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Grapefruit

Find great tips on how grapefruit can add a modern twist to your next meal

Best to buy
Available year-round, Arizona and California grapefruits are best from January through August, while Florida and Texas arrive in October through June.

Slice it for salads
Grapefruit sections add delicious flavor to delicate greens—pair with almonds or walnuts for a well-rounded meal.

Power food
Grapefruit is a good source of vitamin C.

Quick & easy recipe
Most of us think of eating a grapefruit raw, but a light brush with olive oil and a quick sear on the barbecue makes a tangy side dish.


Also indexed as: Pink Grapefruit, Pummelo, Texas Red Grapefruit, White Grapefruit

Preparation, uses, and tips

While grapefruits are often served cut in half to be eaten raw or juiced, they can also be sliced and grilled as a side dish to serve with an entrée. Grapefruit sections or pieces can be added to fruit salads and used in desserts.

Buying and storing tips

Fresh grapefruits are available year-round, though they are traditionally a winter fruit. Those grown in Arizona and California are available January through August, and grapefruit grown in Florida and Texas arrive in October and last through June.

Choose grapefruits that feel heavy in the hand. Although the skin may appear irregularly colored, this is not generally an important factor. Avoid fruits that have soft or wet spots. Thinner-skinned fruits are usually juicier but not necessarily tastier. Grapefruits ripen when picked, and are best when stored loose at a cool room temperature, or in the refrigerator.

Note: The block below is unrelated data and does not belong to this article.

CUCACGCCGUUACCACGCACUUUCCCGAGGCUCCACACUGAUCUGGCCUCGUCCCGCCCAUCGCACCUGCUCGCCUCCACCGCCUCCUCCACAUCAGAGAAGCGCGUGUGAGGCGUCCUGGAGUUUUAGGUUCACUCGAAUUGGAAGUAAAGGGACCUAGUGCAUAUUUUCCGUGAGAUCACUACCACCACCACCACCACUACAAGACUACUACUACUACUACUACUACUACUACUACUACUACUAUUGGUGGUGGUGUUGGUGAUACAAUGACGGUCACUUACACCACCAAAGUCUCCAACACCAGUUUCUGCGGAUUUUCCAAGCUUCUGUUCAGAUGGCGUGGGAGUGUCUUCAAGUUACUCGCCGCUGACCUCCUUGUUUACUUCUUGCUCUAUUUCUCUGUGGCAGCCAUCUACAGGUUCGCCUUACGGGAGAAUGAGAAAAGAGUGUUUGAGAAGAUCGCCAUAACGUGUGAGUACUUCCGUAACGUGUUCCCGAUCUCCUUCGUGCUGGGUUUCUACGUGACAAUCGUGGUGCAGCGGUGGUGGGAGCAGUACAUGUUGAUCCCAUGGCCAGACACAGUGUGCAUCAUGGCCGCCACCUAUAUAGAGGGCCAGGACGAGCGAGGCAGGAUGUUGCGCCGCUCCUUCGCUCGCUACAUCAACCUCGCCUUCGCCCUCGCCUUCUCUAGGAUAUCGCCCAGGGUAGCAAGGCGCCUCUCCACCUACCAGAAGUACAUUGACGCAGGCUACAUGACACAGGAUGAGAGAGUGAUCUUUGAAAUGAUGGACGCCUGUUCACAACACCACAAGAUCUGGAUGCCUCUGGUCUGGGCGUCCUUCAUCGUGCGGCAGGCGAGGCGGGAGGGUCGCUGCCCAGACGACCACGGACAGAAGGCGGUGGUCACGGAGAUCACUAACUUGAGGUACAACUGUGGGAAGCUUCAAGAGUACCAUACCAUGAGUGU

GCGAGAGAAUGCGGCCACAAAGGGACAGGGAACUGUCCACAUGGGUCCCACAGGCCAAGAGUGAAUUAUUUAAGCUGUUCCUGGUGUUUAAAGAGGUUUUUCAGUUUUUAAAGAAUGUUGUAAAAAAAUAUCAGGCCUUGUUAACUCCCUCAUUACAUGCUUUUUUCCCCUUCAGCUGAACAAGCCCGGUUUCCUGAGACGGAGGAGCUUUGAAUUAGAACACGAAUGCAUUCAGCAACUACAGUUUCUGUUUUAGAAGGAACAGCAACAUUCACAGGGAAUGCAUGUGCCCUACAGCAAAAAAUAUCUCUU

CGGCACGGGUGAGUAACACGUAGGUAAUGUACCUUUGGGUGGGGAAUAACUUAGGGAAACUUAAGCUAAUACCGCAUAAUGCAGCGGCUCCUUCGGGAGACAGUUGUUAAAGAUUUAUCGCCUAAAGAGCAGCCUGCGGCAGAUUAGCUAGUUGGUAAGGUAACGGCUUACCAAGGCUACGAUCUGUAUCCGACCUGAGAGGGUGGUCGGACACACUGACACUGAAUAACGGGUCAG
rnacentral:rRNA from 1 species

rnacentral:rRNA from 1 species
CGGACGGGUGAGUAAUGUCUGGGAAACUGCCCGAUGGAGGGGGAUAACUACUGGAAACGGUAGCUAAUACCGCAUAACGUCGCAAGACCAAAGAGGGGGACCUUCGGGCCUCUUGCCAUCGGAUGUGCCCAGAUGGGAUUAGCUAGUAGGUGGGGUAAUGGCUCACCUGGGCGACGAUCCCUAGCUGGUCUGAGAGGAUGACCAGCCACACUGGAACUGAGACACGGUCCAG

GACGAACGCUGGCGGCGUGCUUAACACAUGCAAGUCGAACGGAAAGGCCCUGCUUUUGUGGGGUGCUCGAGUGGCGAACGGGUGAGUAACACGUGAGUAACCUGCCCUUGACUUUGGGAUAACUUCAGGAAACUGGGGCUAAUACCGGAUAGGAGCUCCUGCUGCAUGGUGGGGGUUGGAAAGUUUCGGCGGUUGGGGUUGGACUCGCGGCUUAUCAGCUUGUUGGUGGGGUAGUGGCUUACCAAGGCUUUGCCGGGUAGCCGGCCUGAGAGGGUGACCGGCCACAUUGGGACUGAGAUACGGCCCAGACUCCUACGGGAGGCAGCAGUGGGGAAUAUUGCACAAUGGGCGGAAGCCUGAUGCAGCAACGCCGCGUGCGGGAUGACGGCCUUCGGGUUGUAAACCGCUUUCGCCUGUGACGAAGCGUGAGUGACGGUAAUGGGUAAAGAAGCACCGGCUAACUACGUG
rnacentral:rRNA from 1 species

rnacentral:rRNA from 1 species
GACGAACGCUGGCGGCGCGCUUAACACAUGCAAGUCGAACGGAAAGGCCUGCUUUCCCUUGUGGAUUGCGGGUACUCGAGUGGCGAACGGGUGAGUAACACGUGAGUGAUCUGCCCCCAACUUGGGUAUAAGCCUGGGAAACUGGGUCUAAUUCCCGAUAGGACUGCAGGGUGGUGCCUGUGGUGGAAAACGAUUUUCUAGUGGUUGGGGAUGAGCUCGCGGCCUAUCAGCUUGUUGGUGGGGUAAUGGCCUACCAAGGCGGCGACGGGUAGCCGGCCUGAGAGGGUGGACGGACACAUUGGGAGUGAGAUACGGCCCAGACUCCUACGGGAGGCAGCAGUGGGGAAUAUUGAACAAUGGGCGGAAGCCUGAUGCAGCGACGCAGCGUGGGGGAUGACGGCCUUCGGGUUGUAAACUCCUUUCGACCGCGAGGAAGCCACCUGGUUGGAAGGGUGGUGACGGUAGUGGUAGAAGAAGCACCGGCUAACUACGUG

Varieties

Grapefruit can be white (really a pale yellow), pink, or red. The white variety is usually smaller and more tart than the pink. Large, ruby-red grapefruits were discovered growing in Texas in 1929. Some grapefruits are seedless.

Nutrition Highlights

Grapefruit (sections; raw, pink and red), 1 cup (230g)
Calories: 74
Protein: 1.4g
Carbohydrate: 18.6g
Total Fat: 0.23g
Fiber: 2.5g
*Good source of: Vitamin C (79mg)

*Foods that are an “excellent source” of a particular nutrient provide 20% or more of the Recommended Daily Value. Foods that are a “good source” of a particular nutrient provide between 10 and 20% of the Recommended Daily Value.

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